How a Much-Heralded Bank Reform Proposal Could Actually Blow Up the American Economy
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It sounds like a fabulous idea: a bipartisan bill to end big commercial bank bailouts. Though it probably won’t pass, there are certainly many good things in the freshly minted Terminating Bailouts for Taxpayer Fairness Act, co-sponsored by Sherrod Brown (OH-D) and David Vitter (LA-R).
Greater transparency? Like it. Juggernauts like JPMorgan Chase with over $500 billion in assets forced to hold more capital to protect against losses? This is a terrific proposal, the one big idea that would at a stroke make bank bailouts a lot less likely. No more taxpayer funds to bail them out? Three cheers, even if one doubts that federal authorities will ever dare to let another behemoth go down after their ghastly experience with Lehman.
But there’s more to this bailout bill than meets the eye – much more than many progressive cheerleaders realize. Some things in the bill could hurt us, and even increase overall risk in the financial system.
Loud criticisms of Brown-Vitter are coming from predictable sources like corporate law firm DavisPolk. But, as ProPublica’s Jesse Eisinger has pointed out, they aren’t too convincing. Warnings that higher capital requirements could cause credit to dry up, Great Depression-style, as banks scramble to meet them, or the howl that the bill would make U.S. banks less competitive are so much hot air. That’s just the banking industry and its supporters crying wolf again.
So if the banking industry hates the bill, what’s not to love?
The real problem is not what the bailout bill does; it’s what it doesn’t do. Or, more specifically, who and what it leaves out.
If we recall the financial crisis of 2007-'08, the threat of large financial institutions collapsing and causing havoc across the economic system was real and very scary. The U.S. Financial Crisis Inquiry Commission reported in 2011 that risky and reckless activity, coupled with breakdown in governance, had compromised the global economy. Commercial megabanks like Citigroup, Bank of America and JPMorgan (though it doesn’t like to admit it) were over-extended and posed enormous risk.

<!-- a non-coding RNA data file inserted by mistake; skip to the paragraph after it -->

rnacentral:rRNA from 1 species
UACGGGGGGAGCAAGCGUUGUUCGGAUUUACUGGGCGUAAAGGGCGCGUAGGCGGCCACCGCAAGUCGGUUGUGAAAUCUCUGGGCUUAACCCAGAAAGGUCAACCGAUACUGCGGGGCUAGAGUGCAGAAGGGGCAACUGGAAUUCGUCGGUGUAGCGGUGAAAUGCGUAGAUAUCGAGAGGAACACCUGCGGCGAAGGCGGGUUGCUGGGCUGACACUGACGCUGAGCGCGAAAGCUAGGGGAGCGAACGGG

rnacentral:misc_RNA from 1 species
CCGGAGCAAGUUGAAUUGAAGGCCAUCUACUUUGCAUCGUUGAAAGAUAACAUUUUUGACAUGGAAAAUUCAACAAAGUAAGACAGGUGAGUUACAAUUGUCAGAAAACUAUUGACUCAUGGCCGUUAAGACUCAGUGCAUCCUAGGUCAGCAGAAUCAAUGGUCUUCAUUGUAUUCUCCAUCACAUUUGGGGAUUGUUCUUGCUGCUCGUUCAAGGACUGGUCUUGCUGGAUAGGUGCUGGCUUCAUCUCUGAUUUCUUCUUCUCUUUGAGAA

But there were other financial institutions that were NOT commercial banks that were also extremely dangerous. Remember Lehman Brothers? It was an investment bank, rather than a commercial bank, and it would not be covered under Brown-Vitter. So was Bear Stearns. Does the name AIG ring a bell? Astonishingly, the bill asks nothing new of the giant insurer that we actually did bail out in 2008 to avoid complete meltdown. Giant hedge funds like Long Term Capital Management, which nearly went belly-up in the late 1990s and got a bailout, would also escape the requirements.
It hardly suffices to say, as the bill’s champions do, that the Financial Stability Oversight Council the Dodd-Frank bill established could still intervene if it wants to. That council has been notably slow to move. The plain fact is that holding more capital is desirable not just for big banks, but for all the financial institutions that potentially can bring down the system.
The right question to ask is, why would anyone seek to exclude the non-commercial banks from Brown-Vitter? Well, there’s something going on behind the scenes: Let’s call it Clash of the Financial Titans. Since the financial crisis, the commercial banks have gotten special treatment from the Federal Reserve and the regulators. They know they can be bailed out if they run into trouble. So does everyone else, which gives them a huge advantage over other kinds of financial institutions which do not have the same assurance. The big banks get money cheaper because people know they’ll be backstopped. The big boys also sometimes move risky parts of their business, like derivatives, in and out of the insured deposit sections of their firms, when dubious creditors worry they might go belly-up.